Creative Day will be packed with lively debates, exclusive demonstrations and inspirational case studies – all broadcast online at 9.45am. Plus, we’re giving 400 lucky people the chance to be in the live audience – just register here to take part in person.

Liz Wilkins, senior marketing manager for Digital Media at Adobe, said: “The UK creative industry is one of the most exciting and dynamic sectors to work in. Creative Day will be a fantastic chance for creatives to come together, exchange ideas, hear from luminaries and and learn about the very latest in Creative Cloud”.

David McClelland who is hosting the event said: “I’m thrilled to be working with Adobe on the London leg of the Creative Days World Tour and am particularly excited about being able to share my Adobe Creative Cloud  experience with a live audience, as well as with tens of thousands watching online”.

Follow the conversation on Twitter – #CreativeDays.


#CreativeFriday – HDR in Photoshop CC and ACR Toning

Lightroom 4 introduced working with 32bit TIFF images and HDR processing from images that were shot using in camera bracketing and processed with Photoshop. Once the 32bit image is inside Lightroom 4 or 5, the 32bit enabled shadow and highlight recovery sliders can be used to extract the extra tonal range.

Photoshop CC also has a similar way of creating and working with HDR images using Camera Raw 8 and the new Camera Raw as a filter option.

Select the bracketed shots in mini bridge, right click on the images and open in the option Photoshop / Merge to HDR Pro.

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Once opened into HDR Pro, make sure that the “32bit mode” option is turned on, the “remove ghosts” is turned on (if you think that there are items that have moved between the shots (i.e. leaves, foliage etc as these may have moved due to the wind or other forces), also, turn on the “Complete Toning in Adobe Camera Raw” (the histogram is greyed out once this box is checked).

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The “Complete Toning in Adobe Camera Raw” will open the combined image into Camera Raw, enabling non destructive 32bit processing.

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Make the adjustments in Camera Raw and press OK.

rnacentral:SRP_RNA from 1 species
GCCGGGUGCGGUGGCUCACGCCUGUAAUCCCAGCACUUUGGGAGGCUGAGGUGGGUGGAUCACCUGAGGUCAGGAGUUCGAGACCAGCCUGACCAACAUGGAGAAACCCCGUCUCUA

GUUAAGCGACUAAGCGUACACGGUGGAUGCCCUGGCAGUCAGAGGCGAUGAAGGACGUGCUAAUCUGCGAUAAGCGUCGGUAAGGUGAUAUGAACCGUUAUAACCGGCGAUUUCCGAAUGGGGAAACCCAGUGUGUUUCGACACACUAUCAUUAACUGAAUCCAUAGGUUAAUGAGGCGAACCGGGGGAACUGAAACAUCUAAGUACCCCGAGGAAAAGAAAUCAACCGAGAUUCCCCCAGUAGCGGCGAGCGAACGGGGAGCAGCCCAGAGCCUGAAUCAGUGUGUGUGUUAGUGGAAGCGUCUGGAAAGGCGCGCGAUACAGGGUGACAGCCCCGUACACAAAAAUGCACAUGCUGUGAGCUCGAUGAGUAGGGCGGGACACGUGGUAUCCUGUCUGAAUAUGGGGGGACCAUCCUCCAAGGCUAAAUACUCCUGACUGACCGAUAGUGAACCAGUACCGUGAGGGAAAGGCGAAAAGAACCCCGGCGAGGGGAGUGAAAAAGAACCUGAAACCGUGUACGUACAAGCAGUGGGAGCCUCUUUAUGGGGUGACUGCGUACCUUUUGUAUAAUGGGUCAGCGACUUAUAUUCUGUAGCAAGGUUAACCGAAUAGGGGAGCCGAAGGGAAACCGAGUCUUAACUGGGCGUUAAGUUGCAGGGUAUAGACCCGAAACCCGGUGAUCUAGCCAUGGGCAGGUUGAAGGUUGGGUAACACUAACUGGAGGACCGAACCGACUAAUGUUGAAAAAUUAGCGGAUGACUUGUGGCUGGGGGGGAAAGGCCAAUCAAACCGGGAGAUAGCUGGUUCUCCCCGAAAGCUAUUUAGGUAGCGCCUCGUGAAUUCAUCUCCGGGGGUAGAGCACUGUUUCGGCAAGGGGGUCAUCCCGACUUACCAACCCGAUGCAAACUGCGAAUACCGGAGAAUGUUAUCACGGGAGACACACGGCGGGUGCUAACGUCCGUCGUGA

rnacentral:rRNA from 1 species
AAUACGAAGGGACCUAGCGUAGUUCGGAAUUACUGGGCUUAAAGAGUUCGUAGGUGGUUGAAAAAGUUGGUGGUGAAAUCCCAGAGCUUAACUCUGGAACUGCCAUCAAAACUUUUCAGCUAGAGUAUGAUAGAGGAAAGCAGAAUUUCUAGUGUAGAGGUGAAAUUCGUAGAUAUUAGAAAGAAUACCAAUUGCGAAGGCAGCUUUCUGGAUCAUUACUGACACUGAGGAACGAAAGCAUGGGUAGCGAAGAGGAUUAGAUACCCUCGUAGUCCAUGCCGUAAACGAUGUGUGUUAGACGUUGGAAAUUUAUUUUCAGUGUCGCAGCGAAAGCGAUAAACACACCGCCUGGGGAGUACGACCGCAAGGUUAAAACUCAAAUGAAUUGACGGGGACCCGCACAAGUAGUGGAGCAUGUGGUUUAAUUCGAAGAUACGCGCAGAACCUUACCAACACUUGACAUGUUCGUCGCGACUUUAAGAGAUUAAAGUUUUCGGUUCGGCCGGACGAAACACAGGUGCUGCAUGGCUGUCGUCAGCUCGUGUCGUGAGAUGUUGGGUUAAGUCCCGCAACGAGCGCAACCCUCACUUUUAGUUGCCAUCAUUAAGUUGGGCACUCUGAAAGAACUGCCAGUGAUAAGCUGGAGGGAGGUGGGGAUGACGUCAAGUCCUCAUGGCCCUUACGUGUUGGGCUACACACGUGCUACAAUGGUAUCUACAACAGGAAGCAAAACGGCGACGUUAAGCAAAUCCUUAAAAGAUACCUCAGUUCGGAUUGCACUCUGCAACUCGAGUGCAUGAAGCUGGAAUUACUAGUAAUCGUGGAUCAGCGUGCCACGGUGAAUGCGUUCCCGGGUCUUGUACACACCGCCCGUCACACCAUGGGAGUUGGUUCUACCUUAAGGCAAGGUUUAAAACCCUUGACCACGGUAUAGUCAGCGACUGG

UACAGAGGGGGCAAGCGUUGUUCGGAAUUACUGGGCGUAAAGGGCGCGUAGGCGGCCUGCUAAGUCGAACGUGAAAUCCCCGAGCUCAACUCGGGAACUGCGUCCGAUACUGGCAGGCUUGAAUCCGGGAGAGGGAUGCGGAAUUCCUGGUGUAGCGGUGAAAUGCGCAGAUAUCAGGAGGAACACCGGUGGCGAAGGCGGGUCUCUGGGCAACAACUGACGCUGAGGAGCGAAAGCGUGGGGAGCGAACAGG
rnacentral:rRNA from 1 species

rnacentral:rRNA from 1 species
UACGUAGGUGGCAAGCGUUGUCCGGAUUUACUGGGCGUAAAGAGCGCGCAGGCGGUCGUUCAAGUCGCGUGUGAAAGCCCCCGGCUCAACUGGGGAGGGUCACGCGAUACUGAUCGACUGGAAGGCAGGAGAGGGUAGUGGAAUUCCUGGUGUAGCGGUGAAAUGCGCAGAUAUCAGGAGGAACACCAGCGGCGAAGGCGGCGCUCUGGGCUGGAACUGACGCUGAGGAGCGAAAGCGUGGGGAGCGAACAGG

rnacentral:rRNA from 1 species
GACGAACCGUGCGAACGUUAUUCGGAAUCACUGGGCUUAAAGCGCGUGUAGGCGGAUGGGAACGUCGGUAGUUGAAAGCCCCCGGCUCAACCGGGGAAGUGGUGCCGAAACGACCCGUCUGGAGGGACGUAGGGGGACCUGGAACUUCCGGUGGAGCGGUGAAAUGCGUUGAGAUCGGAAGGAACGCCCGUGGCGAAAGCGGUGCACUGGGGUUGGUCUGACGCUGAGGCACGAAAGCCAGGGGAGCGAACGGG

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The image is returned to Photoshop as a 32bit image. Notice that the image has been wrapped automatically into a Smart Object/Filter and a white revealing mask has been applied (therefore all adjustments are displayed).

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Now that the image is in a Smart Object/Filter the Camera Raw Filter modifications can be painted out (using the mask, (white box in the image)) as well as a black brush. Smart filter adjustments can be turned on/off using the eye icon next to the mask. Also, the Camera Raw Filter can be re-opened by double clicking (or using a right click) on the Camera Raw Filter text. The eye icon next to the Camera Raw Filter text will cause the filter to be re-rendered, as opposed to being turned on/off.

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Interesting effects can be applied to the image by changing the way that the Camera Raw Filter blends with the smart object image by selecting the “Edit Smart Filter Blending Options” and choosing the blending mode and the opacity.

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Results of Camera Raw Filter once the mode is set to Luminosity and set to 80% opacity.

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(The rest of the blending modes are not available as this is a 32Bit image)

This process should save you a lot of steps in the HDR process within Photoshop CC and enable you to get the maximum tonal range out of your bracket shots, using a 32 bit tonal range.


Sometimes  it is a requirement to convert the 32 bit HDR images to use a 16bit or 8bit tonal range. The 32bit image is created using floating point numbers and is able to store an extremely large tonal range, therefore contains information that is outside of the normal range of the eye or the camera’s sensor. If you want to convert to a lower bit depth you will need to consider that actual tonal range will become compressed and you will need to start thinking about compromising the full tonal range of the 32 bit image. Let us explore the reduction in tonal range in this update (more information can be found in this post).